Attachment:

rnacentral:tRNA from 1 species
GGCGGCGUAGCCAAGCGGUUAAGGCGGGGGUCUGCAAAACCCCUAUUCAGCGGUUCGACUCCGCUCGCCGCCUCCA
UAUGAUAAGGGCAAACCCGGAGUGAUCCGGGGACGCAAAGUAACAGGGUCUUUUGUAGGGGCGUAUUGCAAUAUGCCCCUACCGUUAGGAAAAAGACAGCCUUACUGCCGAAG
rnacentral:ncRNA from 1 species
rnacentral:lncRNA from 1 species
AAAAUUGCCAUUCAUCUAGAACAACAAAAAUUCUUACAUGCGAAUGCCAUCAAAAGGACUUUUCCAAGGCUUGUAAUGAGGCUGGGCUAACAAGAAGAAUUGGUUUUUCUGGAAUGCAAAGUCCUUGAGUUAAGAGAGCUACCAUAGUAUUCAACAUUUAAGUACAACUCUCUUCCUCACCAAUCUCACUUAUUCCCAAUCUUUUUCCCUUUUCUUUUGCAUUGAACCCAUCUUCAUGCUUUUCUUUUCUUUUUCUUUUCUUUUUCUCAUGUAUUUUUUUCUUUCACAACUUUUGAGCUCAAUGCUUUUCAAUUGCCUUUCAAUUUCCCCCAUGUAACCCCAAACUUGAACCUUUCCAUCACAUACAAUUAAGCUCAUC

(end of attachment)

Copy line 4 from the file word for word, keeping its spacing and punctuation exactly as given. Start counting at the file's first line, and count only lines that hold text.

rnacentral:ncRNA from 1 species